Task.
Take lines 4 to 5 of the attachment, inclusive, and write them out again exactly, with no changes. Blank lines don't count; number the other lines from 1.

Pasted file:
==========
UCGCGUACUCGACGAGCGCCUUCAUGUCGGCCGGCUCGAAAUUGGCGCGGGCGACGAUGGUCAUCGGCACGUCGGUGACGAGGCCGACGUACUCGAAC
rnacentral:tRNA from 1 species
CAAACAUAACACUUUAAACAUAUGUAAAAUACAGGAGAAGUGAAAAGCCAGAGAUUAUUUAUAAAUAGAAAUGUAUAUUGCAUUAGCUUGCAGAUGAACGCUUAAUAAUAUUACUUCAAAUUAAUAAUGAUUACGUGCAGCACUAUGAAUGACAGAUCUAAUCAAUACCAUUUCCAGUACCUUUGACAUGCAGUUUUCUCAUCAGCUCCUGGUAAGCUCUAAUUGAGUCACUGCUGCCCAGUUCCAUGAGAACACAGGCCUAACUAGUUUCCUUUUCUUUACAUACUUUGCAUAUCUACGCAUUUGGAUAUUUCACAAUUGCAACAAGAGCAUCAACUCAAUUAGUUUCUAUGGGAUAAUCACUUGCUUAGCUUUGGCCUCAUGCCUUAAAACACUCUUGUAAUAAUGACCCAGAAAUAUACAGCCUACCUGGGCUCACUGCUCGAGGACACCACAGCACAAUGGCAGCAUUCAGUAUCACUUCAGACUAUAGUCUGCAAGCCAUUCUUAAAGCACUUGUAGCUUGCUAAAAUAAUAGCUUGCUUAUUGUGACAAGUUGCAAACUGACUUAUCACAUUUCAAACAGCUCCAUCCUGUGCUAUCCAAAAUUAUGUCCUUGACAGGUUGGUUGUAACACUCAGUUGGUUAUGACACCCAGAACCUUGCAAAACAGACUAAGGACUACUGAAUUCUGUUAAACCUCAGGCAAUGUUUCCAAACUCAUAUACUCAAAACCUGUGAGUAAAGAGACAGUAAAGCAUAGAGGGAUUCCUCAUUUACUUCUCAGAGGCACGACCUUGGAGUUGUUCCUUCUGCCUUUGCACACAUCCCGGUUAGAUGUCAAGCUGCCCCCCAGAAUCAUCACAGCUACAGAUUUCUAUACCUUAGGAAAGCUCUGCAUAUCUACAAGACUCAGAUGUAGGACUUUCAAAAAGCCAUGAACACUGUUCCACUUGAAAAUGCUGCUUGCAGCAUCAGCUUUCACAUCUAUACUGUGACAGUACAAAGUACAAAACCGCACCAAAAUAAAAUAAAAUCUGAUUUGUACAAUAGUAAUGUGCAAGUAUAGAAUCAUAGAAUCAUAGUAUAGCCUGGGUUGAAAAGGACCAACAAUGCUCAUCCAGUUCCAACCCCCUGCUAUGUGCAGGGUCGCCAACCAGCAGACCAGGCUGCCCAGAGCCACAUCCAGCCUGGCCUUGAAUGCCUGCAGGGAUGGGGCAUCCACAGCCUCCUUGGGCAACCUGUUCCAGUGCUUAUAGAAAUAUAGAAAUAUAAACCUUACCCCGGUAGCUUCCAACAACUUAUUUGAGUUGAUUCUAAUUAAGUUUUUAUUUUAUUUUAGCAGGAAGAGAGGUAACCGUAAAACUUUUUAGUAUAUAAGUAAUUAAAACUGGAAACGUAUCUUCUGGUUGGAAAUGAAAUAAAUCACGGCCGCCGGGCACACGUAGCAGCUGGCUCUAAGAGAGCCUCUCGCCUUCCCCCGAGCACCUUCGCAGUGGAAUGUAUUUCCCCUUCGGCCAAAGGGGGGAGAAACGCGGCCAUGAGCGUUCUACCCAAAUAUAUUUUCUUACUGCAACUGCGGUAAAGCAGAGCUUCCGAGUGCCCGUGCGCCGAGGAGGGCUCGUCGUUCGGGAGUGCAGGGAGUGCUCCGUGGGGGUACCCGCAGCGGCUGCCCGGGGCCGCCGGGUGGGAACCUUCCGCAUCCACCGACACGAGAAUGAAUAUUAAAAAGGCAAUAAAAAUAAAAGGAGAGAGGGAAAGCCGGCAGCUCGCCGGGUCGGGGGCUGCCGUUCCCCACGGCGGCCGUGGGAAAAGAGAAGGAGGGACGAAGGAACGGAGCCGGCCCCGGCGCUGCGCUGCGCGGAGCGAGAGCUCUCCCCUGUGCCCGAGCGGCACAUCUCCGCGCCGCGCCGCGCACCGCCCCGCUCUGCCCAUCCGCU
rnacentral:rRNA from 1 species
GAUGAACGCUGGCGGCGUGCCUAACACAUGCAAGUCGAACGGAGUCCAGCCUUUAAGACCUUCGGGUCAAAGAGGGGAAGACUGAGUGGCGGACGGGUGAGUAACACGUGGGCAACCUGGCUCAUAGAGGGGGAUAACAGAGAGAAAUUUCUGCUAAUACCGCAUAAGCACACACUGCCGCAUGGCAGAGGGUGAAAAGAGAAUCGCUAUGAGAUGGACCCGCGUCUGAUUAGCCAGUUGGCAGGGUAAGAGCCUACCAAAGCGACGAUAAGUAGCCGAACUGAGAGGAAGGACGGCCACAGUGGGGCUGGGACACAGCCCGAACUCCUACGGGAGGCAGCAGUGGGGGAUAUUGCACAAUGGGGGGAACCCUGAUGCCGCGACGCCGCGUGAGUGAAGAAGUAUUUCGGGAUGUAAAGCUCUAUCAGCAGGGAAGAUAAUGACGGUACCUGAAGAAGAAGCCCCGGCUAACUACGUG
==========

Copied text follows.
rnacentral:rRNA from 1 species
GAUGAACGCUGGCGGCGUGCCUAACACAUGCAAGUCGAACGGAGUCCAGCCUUUAAGACCUUCGGGUCAAAGAGGGGAAGACUGAGUGGCGGACGGGUGAGUAACACGUGGGCAACCUGGCUCAUAGAGGGGGAUAACAGAGAGAAAUUUCUGCUAAUACCGCAUAAGCACACACUGCCGCAUGGCAGAGGGUGAAAAGAGAAUCGCUAUGAGAUGGACCCGCGUCUGAUUAGCCAGUUGGCAGGGUAAGAGCCUACCAAAGCGACGAUAAGUAGCCGAACUGAGAGGAAGGACGGCCACAGUGGGGCUGGGACACAGCCCGAACUCCUACGGGAGGCAGCAGUGGGGGAUAUUGCACAAUGGGGGGAACCCUGAUGCCGCGACGCCGCGUGAGUGAAGAAGUAUUUCGGGAUGUAAAGCUCUAUCAGCAGGGAAGAUAAUGACGGUACCUGAAGAAGAAGCCCCGGCUAACUACGUG